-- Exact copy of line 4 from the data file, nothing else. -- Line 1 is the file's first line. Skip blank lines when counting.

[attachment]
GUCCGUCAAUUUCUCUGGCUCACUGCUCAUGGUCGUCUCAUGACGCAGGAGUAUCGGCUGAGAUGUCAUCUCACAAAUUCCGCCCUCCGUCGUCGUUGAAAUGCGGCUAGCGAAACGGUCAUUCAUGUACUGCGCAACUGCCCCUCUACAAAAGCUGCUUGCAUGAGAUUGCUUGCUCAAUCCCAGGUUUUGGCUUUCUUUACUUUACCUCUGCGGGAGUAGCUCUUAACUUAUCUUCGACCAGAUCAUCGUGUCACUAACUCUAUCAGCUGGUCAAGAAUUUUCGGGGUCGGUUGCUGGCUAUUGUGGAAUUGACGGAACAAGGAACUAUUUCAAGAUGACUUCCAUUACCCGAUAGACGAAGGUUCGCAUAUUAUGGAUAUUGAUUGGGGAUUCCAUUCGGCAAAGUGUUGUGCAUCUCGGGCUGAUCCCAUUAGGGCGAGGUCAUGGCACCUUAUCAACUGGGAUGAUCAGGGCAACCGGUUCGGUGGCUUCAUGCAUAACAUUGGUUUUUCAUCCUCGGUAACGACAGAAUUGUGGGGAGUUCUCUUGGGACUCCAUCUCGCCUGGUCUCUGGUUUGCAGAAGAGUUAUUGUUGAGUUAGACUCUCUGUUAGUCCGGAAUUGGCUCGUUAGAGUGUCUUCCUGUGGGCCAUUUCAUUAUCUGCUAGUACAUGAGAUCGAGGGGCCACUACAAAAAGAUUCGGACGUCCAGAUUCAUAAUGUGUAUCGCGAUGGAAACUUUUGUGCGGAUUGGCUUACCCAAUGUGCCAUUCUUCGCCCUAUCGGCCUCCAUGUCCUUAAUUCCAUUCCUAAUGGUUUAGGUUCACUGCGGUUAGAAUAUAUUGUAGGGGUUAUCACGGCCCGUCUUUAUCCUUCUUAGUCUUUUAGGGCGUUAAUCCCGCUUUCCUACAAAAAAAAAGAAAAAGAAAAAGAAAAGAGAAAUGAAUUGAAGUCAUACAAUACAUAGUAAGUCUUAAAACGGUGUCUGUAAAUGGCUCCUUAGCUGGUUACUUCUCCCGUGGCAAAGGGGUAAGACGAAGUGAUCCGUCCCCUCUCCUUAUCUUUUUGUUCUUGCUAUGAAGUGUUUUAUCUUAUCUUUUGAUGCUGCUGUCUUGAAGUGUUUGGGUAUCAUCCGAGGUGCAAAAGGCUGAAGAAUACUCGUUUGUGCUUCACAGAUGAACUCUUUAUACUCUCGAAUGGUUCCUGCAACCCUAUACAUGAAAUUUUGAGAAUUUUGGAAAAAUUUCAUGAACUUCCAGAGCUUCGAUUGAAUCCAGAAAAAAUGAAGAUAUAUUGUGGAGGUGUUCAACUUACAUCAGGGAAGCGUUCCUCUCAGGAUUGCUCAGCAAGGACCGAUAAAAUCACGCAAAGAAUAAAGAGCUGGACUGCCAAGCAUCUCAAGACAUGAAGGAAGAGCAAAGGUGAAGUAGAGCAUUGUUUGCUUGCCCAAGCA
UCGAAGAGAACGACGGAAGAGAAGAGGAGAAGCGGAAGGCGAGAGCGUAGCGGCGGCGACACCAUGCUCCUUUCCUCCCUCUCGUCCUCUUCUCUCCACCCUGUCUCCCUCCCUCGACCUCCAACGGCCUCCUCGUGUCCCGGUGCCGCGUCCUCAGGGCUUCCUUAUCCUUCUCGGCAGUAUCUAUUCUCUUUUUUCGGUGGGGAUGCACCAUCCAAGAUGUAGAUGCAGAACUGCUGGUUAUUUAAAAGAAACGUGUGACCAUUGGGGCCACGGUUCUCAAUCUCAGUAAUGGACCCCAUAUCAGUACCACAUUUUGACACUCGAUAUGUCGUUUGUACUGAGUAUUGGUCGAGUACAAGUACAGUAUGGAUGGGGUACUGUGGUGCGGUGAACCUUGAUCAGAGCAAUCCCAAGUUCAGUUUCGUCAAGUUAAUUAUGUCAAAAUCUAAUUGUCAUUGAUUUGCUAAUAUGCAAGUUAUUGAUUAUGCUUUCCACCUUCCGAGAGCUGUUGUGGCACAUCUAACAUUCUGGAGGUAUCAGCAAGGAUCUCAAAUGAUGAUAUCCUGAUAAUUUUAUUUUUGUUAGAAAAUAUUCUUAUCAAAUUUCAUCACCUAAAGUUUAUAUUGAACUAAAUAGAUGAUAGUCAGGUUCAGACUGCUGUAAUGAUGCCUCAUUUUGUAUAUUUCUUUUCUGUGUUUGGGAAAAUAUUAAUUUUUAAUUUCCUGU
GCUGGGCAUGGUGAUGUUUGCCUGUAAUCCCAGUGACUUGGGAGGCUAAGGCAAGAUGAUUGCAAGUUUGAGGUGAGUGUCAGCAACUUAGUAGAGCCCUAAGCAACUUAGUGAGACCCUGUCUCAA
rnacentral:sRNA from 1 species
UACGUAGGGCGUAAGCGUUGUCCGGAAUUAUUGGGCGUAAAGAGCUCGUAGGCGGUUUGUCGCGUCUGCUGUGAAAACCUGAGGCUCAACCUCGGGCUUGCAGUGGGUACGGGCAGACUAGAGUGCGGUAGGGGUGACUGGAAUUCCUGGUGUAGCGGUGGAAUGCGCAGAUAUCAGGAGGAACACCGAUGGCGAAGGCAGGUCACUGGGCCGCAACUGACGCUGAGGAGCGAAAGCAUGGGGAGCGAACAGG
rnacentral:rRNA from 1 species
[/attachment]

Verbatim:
rnacentral:sRNA from 1 species